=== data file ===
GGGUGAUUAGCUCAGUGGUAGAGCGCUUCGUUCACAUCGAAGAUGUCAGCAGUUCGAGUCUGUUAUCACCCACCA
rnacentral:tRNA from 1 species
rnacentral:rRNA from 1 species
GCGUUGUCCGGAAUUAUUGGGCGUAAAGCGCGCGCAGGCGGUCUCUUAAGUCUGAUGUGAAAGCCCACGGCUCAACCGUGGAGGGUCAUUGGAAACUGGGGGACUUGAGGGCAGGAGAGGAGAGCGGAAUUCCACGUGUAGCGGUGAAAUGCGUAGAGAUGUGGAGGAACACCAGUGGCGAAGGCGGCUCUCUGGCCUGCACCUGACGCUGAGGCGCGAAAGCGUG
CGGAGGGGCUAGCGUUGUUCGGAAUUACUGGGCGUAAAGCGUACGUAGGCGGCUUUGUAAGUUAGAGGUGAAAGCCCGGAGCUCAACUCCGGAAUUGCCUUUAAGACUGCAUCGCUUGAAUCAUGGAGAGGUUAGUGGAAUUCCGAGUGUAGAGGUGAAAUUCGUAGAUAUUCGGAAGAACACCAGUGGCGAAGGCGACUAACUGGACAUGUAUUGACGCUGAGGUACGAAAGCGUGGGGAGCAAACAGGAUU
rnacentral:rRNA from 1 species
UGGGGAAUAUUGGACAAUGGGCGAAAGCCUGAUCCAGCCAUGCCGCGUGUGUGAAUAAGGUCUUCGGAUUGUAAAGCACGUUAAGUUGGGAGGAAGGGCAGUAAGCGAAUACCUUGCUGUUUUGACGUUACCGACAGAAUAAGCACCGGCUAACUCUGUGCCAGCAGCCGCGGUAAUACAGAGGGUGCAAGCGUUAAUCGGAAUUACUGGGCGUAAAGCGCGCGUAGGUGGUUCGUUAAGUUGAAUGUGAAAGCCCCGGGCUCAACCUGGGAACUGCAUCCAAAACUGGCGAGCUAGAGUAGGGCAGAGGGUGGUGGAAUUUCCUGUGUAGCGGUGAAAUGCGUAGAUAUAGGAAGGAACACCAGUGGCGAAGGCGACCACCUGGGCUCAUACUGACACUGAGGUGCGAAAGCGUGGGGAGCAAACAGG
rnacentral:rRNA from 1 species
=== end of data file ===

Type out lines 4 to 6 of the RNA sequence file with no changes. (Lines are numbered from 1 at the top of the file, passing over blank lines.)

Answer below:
GCGUUGUCCGGAAUUAUUGGGCGUAAAGCGCGCGCAGGCGGUCUCUUAAGUCUGAUGUGAAAGCCCACGGCUCAACCGUGGAGGGUCAUUGGAAACUGGGGGACUUGAGGGCAGGAGAGGAGAGCGGAAUUCCACGUGUAGCGGUGAAAUGCGUAGAGAUGUGGAGGAACACCAGUGGCGAAGGCGGCUCUCUGGCCUGCACCUGACGCUGAGGCGCGAAAGCGUG
CGGAGGGGCUAGCGUUGUUCGGAAUUACUGGGCGUAAAGCGUACGUAGGCGGCUUUGUAAGUUAGAGGUGAAAGCCCGGAGCUCAACUCCGGAAUUGCCUUUAAGACUGCAUCGCUUGAAUCAUGGAGAGGUUAGUGGAAUUCCGAGUGUAGAGGUGAAAUUCGUAGAUAUUCGGAAGAACACCAGUGGCGAAGGCGACUAACUGGACAUGUAUUGACGCUGAGGUACGAAAGCGUGGGGAGCAAACAGGAUU
rnacentral:rRNA from 1 species